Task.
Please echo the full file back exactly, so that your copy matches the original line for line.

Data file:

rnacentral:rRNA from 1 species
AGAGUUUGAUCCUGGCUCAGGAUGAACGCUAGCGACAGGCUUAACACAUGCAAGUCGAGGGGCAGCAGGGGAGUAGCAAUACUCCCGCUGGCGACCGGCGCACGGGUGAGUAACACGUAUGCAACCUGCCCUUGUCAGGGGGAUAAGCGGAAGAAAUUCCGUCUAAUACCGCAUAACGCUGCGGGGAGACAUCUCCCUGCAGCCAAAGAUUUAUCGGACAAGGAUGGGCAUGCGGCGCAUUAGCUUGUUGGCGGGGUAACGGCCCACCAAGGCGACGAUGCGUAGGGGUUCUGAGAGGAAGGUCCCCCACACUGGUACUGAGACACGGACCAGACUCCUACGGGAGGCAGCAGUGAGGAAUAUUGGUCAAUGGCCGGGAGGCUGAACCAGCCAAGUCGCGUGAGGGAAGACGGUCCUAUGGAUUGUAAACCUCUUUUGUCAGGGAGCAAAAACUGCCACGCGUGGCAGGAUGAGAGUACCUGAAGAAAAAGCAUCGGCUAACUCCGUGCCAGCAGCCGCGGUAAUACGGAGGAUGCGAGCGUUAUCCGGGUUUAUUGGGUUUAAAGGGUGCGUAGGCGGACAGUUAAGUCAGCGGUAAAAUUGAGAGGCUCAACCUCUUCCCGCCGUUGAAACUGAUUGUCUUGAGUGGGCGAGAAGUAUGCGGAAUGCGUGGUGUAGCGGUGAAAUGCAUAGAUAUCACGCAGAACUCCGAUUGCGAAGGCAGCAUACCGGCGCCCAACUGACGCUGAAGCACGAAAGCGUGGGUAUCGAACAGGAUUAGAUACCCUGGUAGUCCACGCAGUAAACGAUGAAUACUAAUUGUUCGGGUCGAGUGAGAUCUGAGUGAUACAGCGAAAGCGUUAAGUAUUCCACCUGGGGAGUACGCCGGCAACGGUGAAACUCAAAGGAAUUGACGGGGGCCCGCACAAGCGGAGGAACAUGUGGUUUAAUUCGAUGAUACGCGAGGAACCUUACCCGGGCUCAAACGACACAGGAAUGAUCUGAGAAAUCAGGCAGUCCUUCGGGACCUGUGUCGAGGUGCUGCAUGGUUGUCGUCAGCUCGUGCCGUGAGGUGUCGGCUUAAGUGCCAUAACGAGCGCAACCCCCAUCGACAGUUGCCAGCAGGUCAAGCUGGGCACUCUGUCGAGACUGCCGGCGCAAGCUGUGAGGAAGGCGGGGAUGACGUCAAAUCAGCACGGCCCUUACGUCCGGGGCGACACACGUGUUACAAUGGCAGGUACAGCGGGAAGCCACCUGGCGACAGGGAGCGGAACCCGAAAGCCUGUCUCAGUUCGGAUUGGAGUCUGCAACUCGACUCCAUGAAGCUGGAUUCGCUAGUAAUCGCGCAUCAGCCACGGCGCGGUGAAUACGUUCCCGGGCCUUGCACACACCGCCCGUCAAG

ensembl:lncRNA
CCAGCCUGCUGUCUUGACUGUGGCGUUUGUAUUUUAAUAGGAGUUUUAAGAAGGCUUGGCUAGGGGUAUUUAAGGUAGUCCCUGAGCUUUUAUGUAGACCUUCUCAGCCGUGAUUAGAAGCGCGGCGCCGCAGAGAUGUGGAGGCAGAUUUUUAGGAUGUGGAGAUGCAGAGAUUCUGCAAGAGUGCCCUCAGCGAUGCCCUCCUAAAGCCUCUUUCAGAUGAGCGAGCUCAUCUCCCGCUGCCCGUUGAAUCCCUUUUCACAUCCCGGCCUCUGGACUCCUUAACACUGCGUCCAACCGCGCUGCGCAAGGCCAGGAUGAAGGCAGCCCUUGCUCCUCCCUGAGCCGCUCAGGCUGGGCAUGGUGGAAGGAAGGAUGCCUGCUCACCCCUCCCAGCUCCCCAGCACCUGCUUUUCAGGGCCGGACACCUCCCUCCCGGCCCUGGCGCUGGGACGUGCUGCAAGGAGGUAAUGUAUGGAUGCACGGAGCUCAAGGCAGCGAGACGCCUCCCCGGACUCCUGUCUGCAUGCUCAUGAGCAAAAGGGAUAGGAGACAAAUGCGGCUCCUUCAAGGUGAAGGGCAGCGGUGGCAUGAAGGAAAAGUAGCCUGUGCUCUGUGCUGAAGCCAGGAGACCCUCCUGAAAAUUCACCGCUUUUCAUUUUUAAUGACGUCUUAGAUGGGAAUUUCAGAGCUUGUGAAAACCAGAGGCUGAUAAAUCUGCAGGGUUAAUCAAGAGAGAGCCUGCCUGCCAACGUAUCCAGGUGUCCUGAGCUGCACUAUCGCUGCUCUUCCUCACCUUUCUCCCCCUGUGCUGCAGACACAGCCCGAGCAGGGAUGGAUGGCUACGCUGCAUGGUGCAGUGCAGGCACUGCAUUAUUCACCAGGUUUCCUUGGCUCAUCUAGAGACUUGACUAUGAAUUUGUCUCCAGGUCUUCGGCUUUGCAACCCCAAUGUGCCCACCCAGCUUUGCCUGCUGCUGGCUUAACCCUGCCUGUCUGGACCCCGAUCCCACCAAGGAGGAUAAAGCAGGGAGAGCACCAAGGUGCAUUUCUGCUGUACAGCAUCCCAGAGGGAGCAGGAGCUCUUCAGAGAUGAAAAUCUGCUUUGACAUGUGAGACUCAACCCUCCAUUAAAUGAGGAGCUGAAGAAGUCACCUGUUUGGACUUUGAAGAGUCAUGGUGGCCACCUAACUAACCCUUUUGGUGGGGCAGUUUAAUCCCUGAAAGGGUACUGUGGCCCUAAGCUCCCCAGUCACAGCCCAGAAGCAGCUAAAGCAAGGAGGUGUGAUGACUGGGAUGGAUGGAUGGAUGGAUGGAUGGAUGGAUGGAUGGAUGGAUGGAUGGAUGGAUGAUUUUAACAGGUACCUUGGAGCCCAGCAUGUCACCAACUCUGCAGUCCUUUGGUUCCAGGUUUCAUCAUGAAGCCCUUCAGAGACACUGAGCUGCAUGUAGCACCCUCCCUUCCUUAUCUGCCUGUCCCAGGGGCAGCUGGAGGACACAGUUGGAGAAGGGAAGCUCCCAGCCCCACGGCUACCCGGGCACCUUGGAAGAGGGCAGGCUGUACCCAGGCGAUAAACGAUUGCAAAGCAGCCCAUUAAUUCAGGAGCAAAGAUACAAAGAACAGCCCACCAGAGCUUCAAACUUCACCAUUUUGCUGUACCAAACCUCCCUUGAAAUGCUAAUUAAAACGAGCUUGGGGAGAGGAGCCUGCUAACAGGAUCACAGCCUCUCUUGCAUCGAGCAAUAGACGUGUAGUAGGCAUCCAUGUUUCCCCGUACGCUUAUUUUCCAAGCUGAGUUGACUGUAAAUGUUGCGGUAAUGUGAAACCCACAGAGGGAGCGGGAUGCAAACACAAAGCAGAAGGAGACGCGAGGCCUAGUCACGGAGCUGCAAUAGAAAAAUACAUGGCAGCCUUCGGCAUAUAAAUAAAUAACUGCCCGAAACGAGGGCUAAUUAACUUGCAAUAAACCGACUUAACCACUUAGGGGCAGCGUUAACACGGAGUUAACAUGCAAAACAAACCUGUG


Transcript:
rnacentral:rRNA from 1 species
AGAGUUUGAUCCUGGCUCAGGAUGAACGCUAGCGACAGGCUUAACACAUGCAAGUCGAGGGGCAGCAGGGGAGUAGCAAUACUCCCGCUGGCGACCGGCGCACGGGUGAGUAACACGUAUGCAACCUGCCCUUGUCAGGGGGAUAAGCGGAAGAAAUUCCGUCUAAUACCGCAUAACGCUGCGGGGAGACAUCUCCCUGCAGCCAAAGAUUUAUCGGACAAGGAUGGGCAUGCGGCGCAUUAGCUUGUUGGCGGGGUAACGGCCCACCAAGGCGACGAUGCGUAGGGGUUCUGAGAGGAAGGUCCCCCACACUGGUACUGAGACACGGACCAGACUCCUACGGGAGGCAGCAGUGAGGAAUAUUGGUCAAUGGCCGGGAGGCUGAACCAGCCAAGUCGCGUGAGGGAAGACGGUCCUAUGGAUUGUAAACCUCUUUUGUCAGGGAGCAAAAACUGCCACGCGUGGCAGGAUGAGAGUACCUGAAGAAAAAGCAUCGGCUAACUCCGUGCCAGCAGCCGCGGUAAUACGGAGGAUGCGAGCGUUAUCCGGGUUUAUUGGGUUUAAAGGGUGCGUAGGCGGACAGUUAAGUCAGCGGUAAAAUUGAGAGGCUCAACCUCUUCCCGCCGUUGAAACUGAUUGUCUUGAGUGGGCGAGAAGUAUGCGGAAUGCGUGGUGUAGCGGUGAAAUGCAUAGAUAUCACGCAGAACUCCGAUUGCGAAGGCAGCAUACCGGCGCCCAACUGACGCUGAAGCACGAAAGCGUGGGUAUCGAACAGGAUUAGAUACCCUGGUAGUCCACGCAGUAAACGAUGAAUACUAAUUGUUCGGGUCGAGUGAGAUCUGAGUGAUACAGCGAAAGCGUUAAGUAUUCCACCUGGGGAGUACGCCGGCAACGGUGAAACUCAAAGGAAUUGACGGGGGCCCGCACAAGCGGAGGAACAUGUGGUUUAAUUCGAUGAUACGCGAGGAACCUUACCCGGGCUCAAACGACACAGGAAUGAUCUGAGAAAUCAGGCAGUCCUUCGGGACCUGUGUCGAGGUGCUGCAUGGUUGUCGUCAGCUCGUGCCGUGAGGUGUCGGCUUAAGUGCCAUAACGAGCGCAACCCCCAUCGACAGUUGCCAGCAGGUCAAGCUGGGCACUCUGUCGAGACUGCCGGCGCAAGCUGUGAGGAAGGCGGGGAUGACGUCAAAUCAGCACGGCCCUUACGUCCGGGGCGACACACGUGUUACAAUGGCAGGUACAGCGGGAAGCCACCUGGCGACAGGGAGCGGAACCCGAAAGCCUGUCUCAGUUCGGAUUGGAGUCUGCAACUCGACUCCAUGAAGCUGGAUUCGCUAGUAAUCGCGCAUCAGCCACGGCGCGGUGAAUACGUUCCCGGGCCUUGCACACACCGCCCGUCAAG

ensembl:lncRNA
CCAGCCUGCUGUCUUGACUGUGGCGUUUGUAUUUUAAUAGGAGUUUUAAGAAGGCUUGGCUAGGGGUAUUUAAGGUAGUCCCUGAGCUUUUAUGUAGACCUUCUCAGCCGUGAUUAGAAGCGCGGCGCCGCAGAGAUGUGGAGGCAGAUUUUUAGGAUGUGGAGAUGCAGAGAUUCUGCAAGAGUGCCCUCAGCGAUGCCCUCCUAAAGCCUCUUUCAGAUGAGCGAGCUCAUCUCCCGCUGCCCGUUGAAUCCCUUUUCACAUCCCGGCCUCUGGACUCCUUAACACUGCGUCCAACCGCGCUGCGCAAGGCCAGGAUGAAGGCAGCCCUUGCUCCUCCCUGAGCCGCUCAGGCUGGGCAUGGUGGAAGGAAGGAUGCCUGCUCACCCCUCCCAGCUCCCCAGCACCUGCUUUUCAGGGCCGGACACCUCCCUCCCGGCCCUGGCGCUGGGACGUGCUGCAAGGAGGUAAUGUAUGGAUGCACGGAGCUCAAGGCAGCGAGACGCCUCCCCGGACUCCUGUCUGCAUGCUCAUGAGCAAAAGGGAUAGGAGACAAAUGCGGCUCCUUCAAGGUGAAGGGCAGCGGUGGCAUGAAGGAAAAGUAGCCUGUGCUCUGUGCUGAAGCCAGGAGACCCUCCUGAAAAUUCACCGCUUUUCAUUUUUAAUGACGUCUUAGAUGGGAAUUUCAGAGCUUGUGAAAACCAGAGGCUGAUAAAUCUGCAGGGUUAAUCAAGAGAGAGCCUGCCUGCCAACGUAUCCAGGUGUCCUGAGCUGCACUAUCGCUGCUCUUCCUCACCUUUCUCCCCCUGUGCUGCAGACACAGCCCGAGCAGGGAUGGAUGGCUACGCUGCAUGGUGCAGUGCAGGCACUGCAUUAUUCACCAGGUUUCCUUGGCUCAUCUAGAGACUUGACUAUGAAUUUGUCUCCAGGUCUUCGGCUUUGCAACCCCAAUGUGCCCACCCAGCUUUGCCUGCUGCUGGCUUAACCCUGCCUGUCUGGACCCCGAUCCCACCAAGGAGGAUAAAGCAGGGAGAGCACCAAGGUGCAUUUCUGCUGUACAGCAUCCCAGAGGGAGCAGGAGCUCUUCAGAGAUGAAAAUCUGCUUUGACAUGUGAGACUCAACCCUCCAUUAAAUGAGGAGCUGAAGAAGUCACCUGUUUGGACUUUGAAGAGUCAUGGUGGCCACCUAACUAACCCUUUUGGUGGGGCAGUUUAAUCCCUGAAAGGGUACUGUGGCCCUAAGCUCCCCAGUCACAGCCCAGAAGCAGCUAAAGCAAGGAGGUGUGAUGACUGGGAUGGAUGGAUGGAUGGAUGGAUGGAUGGAUGGAUGGAUGGAUGGAUGGAUGGAUGAUUUUAACAGGUACCUUGGAGCCCAGCAUGUCACCAACUCUGCAGUCCUUUGGUUCCAGGUUUCAUCAUGAAGCCCUUCAGAGACACUGAGCUGCAUGUAGCACCCUCCCUUCCUUAUCUGCCUGUCCCAGGGGCAGCUGGAGGACACAGUUGGAGAAGGGAAGCUCCCAGCCCCACGGCUACCCGGGCACCUUGGAAGAGGGCAGGCUGUACCCAGGCGAUAAACGAUUGCAAAGCAGCCCAUUAAUUCAGGAGCAAAGAUACAAAGAACAGCCCACCAGAGCUUCAAACUUCACCAUUUUGCUGUACCAAACCUCCCUUGAAAUGCUAAUUAAAACGAGCUUGGGGAGAGGAGCCUGCUAACAGGAUCACAGCCUCUCUUGCAUCGAGCAAUAGACGUGUAGUAGGCAUCCAUGUUUCCCCGUACGCUUAUUUUCCAAGCUGAGUUGACUGUAAAUGUUGCGGUAAUGUGAAACCCACAGAGGGAGCGGGAUGCAAACACAAAGCAGAAGGAGACGCGAGGCCUAGUCACGGAGCUGCAAUAGAAAAAUACAUGGCAGCCUUCGGCAUAUAAAUAAAUAACUGCCCGAAACGAGGGCUAAUUAACUUGCAAUAAACCGACUUAACCACUUAGGGGCAGCGUUAACACGGAGUUAACAUGCAAAACAAACCUGUG